The HVDC 12V system provides an economical electric supply system which is vastly superior in respect to other systems in terms of cost. First, this system experiences very little power loss inside of IT instruments and it is unparalleled in efficiency when compared with the electrical supply system of a conventional AC system. Second, the composition of equipment becomes simpler because the expensive UPS (uninterruptible power supply) becomes unnecessary, and that power supply unit inside a server can be omitted.
With a traditional AC electric power supply system it is necessary, in order to stabilize AC power, that a UPS be installed in power receiving facilities. However, since the battery inside a UPS is run by a DC system, it is incumbent that it be changed into DC from AC at the time of charge. Moreover, conversion is required for AC from DC at the time of discharge and two AC/DC conversions in all are carried out as a result. In addition, the power supply unit inside a server transforms into DC electric power the AC electric power supplied from UPS. Therefore, on the whole, three AC/DC conversions are carried out in total. Since electric power is definitely lost at the time of each conversion, the efficiency of this AC supply system is only 70 to 80%.
On the other hand, the HVDC 12V system at Ishikari will transform AC electric power into HVDC within the PS rack once it supplies electric power to a server in its initial AC form. Therefore, only one AC/DC conversion is required. Once it is converted into HVDC (High Voltage Direct Current) the centralized electric power unit in a server rack will drop voltage down to 12V and supply electric power to each server in a safe form. Therefore, this HVDC 12V system achieves an efficiency rate of 90% or more and will realize large power savings in comparison with a conventional AC electric power system.
So far, the introduction of a method to provide free cooling to a Japanese data center has remained in the experimental stage. Nevertheless, this Ishikari model will extensively employ free cooling and is projected to deliver a low PUE value and thus, a low environmental impact. By utilizing the low-temperature open air of Hokkaido, the Ishikari data center’s PUE (which is an index of a computer data center’s energy efficiency) is expected to achieve a 1.11 rating after one year. During the summer, when standard air conditioning will be used, it has been calculated that the PUE will still attain a 1.21 rating. Moreover, in the course of experiments designed to duplicate severe temperature-humidity conditions for a server, the challenges to obtaining a PUE classification of 1.0 (1.0X) were met by suspending a simple air conditioning fan inside the server room.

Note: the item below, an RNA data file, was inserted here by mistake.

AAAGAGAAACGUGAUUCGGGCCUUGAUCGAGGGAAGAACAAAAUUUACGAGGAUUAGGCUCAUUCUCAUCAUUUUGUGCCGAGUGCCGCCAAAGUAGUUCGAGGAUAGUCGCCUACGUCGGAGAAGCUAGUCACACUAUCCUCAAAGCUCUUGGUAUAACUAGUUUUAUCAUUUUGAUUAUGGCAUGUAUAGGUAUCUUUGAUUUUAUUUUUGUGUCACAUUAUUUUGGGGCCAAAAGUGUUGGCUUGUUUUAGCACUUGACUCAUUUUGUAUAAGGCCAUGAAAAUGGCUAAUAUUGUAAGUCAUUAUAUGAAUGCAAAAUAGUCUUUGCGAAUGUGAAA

※ What's PUE？
PUE is a measurement of the total power delivered to a computer data center divided by its IT equipment’s power usage level. Power usage effectiveness (PUE) is an especially important factor in data centers. The Ishikari data center will be so efficient that this value has been calculated to approach 1.0. Generally, data center efficiency is considered to be good if this value is under 2.0.
In addition to the improvement in the energy efficiency ratio by using free cooling, the environment will be protected by other various systems within the facility, such as, for example, using the heat exhaust from a server to effectively heat an office. Furthermore, renewable energy, such as wind power and snow ice, may be able to be exploited in Ishikari. Therefore, when extending the life span of a data center into the future, the exploitation of natural power sources that aim at further improvement in environmental performance are considerations to be taken into account. The container type modular data center design, which is expected to spread onward from this point in time, has also been adopted into the Ishikari project. We will continue to meet further challenges in an effort to achieve sound environmental performance in the future.
Overview of first phase (1000 racks / 2 buildings)
Overview of last phase (8 buildings)
|Facility Name||Sakura Internet Ishikari Data Center|
|Location||Ishikari city, Hokkaido , Japan|
|Site Area||51,448m2 (553,779 sq foot)|
|Building Area||7,091m2(76,326 sq foot) ＊1|
|Architectural Area||11,392m2(122,622 sq foot) ＊1|
|Building Structure||2 stories above ground / Steel Frame|
|Computing Density||1000 racks ＊2|
|Electric Power Density||8kVA/rack regular (15kVA/rack maximum）|
|Completion of Construction||15th November 2011|
＊2:2 buildings, up to 4,000 racks/8 buildings.